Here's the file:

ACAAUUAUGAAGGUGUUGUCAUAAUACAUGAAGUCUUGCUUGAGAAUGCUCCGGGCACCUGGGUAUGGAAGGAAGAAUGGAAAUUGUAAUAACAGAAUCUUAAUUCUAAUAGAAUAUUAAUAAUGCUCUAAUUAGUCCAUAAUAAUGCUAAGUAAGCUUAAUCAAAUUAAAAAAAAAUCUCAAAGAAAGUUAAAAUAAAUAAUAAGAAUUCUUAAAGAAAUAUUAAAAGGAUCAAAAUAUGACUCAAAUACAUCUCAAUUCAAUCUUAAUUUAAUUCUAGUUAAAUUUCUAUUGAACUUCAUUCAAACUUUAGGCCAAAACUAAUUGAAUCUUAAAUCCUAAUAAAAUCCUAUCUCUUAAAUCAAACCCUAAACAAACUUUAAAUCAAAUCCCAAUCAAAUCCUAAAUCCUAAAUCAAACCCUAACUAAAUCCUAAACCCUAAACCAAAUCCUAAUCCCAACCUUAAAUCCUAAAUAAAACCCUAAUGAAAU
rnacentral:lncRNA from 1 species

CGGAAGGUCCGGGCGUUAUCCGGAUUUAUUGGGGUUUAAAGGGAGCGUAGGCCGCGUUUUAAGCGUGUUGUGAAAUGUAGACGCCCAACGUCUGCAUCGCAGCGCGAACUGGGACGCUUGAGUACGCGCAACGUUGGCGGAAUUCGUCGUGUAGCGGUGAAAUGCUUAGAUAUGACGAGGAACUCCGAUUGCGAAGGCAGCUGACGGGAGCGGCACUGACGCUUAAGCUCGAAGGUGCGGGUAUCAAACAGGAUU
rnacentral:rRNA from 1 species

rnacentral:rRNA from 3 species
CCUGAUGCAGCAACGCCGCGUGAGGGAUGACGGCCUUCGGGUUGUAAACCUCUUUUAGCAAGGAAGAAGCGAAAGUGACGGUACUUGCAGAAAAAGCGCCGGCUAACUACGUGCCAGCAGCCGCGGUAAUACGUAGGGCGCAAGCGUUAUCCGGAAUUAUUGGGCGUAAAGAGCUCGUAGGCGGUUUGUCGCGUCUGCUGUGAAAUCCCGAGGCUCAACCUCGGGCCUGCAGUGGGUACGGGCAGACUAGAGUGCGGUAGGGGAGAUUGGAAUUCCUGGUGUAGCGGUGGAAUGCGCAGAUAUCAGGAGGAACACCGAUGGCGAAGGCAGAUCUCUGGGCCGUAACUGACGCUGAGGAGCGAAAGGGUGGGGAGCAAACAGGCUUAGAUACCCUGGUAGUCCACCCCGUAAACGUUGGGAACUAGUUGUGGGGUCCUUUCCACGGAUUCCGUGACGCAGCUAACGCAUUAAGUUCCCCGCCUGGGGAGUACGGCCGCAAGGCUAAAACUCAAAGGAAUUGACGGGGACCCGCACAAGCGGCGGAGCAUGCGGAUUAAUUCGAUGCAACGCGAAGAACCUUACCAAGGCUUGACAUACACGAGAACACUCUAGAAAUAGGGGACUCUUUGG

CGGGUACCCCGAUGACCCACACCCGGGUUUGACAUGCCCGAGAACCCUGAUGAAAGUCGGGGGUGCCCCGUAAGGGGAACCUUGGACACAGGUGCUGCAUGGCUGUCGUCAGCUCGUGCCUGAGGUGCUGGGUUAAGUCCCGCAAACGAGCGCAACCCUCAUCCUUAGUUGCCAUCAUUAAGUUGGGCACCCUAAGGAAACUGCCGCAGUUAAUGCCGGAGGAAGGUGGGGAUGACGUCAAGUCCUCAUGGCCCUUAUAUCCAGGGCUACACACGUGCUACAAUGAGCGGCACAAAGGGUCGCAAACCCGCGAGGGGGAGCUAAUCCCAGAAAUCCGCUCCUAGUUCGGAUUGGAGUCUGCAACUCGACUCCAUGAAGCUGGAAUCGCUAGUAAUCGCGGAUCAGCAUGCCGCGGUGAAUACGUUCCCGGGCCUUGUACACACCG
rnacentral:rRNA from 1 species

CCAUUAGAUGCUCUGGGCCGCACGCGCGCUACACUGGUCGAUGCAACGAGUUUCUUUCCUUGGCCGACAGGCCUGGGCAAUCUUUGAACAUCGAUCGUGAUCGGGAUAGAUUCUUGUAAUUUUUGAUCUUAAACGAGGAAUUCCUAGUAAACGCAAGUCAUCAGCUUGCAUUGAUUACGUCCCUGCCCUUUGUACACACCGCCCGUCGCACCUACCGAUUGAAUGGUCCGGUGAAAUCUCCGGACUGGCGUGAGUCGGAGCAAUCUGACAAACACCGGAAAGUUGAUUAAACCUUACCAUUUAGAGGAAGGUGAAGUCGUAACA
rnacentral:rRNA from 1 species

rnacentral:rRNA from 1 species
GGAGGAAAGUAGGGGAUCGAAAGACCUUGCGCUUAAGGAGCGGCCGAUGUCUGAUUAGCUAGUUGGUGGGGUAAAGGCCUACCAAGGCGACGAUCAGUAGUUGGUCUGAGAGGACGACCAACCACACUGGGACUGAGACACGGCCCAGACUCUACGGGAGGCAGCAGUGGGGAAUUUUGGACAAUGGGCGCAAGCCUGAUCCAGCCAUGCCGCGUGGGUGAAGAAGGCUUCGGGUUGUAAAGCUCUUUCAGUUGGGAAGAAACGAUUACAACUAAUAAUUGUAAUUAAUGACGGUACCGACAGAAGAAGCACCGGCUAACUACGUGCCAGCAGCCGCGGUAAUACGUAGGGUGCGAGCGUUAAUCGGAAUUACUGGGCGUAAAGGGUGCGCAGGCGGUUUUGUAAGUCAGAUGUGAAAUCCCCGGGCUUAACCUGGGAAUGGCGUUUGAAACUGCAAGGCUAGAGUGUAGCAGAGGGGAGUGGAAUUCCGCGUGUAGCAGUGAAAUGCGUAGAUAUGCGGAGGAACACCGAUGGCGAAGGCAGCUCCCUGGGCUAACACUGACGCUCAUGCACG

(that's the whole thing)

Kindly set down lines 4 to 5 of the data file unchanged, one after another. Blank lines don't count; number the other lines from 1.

rnacentral:rRNA from 1 species

rnacentral:rRNA from 3 species